Ferrari Formula 1 chief Mattia Binotto has explained the pre-race agreement between Sebastian Vettel and Charles Leclerc that led to team orders controversy during Sunday’s Russian Grand Prix.

Vettel used the slipstream from pole-sitter Leclerc’s car to move into the lead of the race on the long run to Turn 2, passing second-placed Lewis Hamilton.

Ferrari informed Leclerc via team radio that it would move to swap the cars around as agreed before the race, only for Vettel to push ahead, meaning the change could not take place until the pit stops.

Vettel ultimately retired from the race due to a hybrid issue, with the resulting Virtual Safety Car allowing Hamilton to snatch victory for Mercedes as Leclerc finished the race in third place.

Speaking on Sunday evening in Russia, Binotto explained the pre-race agreement, saying the plan had always been to get the jump on Hamilton before swapping the cars around were Vettel to take the lead.

“As a team, obviously the victory was key, so we decided that the most important thing for us was to be first and second at the first lap, because by being first and second, we would have somehow control and manage the pace and control the positions, which is what was happening,” Binotto said.

“We agreed together that the best way was not to give any slipstream to Hamilton at first, because giving a slipstream to Hamilton would give him some advantage. And therefore Charles would give the slipstream to Seb, that was what we agreed and discussed.

“But by giving the slipstream to Seb and not giving the position, it would give an advantage to Seb, which later on in the race we could give back by swapping the cars.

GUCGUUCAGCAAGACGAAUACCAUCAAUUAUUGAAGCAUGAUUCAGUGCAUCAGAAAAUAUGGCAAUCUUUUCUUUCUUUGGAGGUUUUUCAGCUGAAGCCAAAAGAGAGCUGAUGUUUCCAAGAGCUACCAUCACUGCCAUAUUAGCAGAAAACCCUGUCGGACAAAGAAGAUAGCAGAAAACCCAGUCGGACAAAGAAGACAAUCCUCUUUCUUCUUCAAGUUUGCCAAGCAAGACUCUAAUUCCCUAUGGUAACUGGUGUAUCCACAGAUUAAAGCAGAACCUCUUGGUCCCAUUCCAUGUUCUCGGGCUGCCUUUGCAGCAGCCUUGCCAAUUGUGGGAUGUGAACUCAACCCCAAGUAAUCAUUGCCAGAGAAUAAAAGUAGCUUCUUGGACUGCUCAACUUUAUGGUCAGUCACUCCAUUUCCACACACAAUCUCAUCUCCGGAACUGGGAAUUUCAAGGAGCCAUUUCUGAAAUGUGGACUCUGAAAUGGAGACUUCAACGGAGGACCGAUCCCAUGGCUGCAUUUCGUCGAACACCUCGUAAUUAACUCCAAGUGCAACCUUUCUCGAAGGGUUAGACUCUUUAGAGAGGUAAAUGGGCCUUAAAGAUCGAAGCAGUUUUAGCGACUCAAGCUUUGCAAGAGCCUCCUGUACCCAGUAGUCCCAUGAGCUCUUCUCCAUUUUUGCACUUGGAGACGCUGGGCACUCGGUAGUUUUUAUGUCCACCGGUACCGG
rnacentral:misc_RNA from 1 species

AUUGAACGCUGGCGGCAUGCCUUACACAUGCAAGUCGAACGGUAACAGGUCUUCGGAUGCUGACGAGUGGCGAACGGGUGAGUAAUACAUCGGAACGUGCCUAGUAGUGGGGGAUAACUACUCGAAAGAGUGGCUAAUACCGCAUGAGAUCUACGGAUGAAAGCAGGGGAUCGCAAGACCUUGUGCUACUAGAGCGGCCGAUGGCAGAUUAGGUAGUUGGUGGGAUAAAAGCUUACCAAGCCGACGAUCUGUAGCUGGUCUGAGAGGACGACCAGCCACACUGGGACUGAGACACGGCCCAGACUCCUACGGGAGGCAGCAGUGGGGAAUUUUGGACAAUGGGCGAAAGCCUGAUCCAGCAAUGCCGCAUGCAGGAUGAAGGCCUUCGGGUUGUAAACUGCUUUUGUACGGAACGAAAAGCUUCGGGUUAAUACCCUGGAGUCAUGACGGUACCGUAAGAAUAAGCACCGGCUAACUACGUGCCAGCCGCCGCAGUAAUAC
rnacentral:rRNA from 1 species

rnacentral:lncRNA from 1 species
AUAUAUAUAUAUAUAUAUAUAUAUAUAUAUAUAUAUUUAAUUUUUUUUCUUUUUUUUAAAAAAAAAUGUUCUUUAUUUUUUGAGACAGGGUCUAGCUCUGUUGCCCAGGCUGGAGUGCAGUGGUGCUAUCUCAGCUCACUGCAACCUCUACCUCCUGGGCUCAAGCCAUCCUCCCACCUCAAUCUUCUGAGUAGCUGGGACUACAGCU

“That was the deal. What happened I think exactly as I explained: we got a good start, both drivers, they both had very similar starts. We were on the Soft tyres, we got a good speed. Charles stayed on the left, Sebastian jumped initially Hamilton, and very soon was in the slipstream, naturally I would say, in the slipstream of Charles.”

Vettel was asked on multiple occasions in the opening stages of the race to let Leclerc by, only to ask that they built a bigger gap to Hamilton in third.

Leclerc ultimately got the jump with a four-lap undercut in the pits, but Binotto denied this strategy was planned to give the Monegasque the lead again.

“The two drivers may have different opinions by driving the car, but that is something which we may discuss with them,” Binotto said.

“We initially asked Seb to give the position back, but fair enough to say at that stage in the race that maybe Charles was not close enough, and we would have lost some time on track. Later on, Seb was quite fast and gained some track advantage on Charles. So we knew that we could decide to do it later on.

“The undercut was not for the reason for giving back the position to Charles. The undercut was as well because Charles stopped because he had worn tyres, his left-rear was starting to be worn, so it was the right moment for him to pit.

“We knew as well that if we had stopped both our cars there, we would have been vulnerable on Safety Cars by giving the lead to Hamilton, so we tried to stay out as much as we could with Seb, simply to protect in case of Safety Cars later in the race. Again, Seb, his tyres were worn, it was the right moment to pit.

“As a matter of fact, Charles was ahead, Seb was behind, but the race was still not over and there would have been plenty of opportunity to decide with them what would have been the best option later on.”

Binotto also claimed that neither Leclerc nor Vettel had gone against the pre-race agreement, while Vettel called the explanation “valid” and said he accepted the team’s view.

Asked if he thought Vettel should have handed back the position, Leclerc said: ”I don’t know. In the car obviously there was an agreement and that’s all I can say.”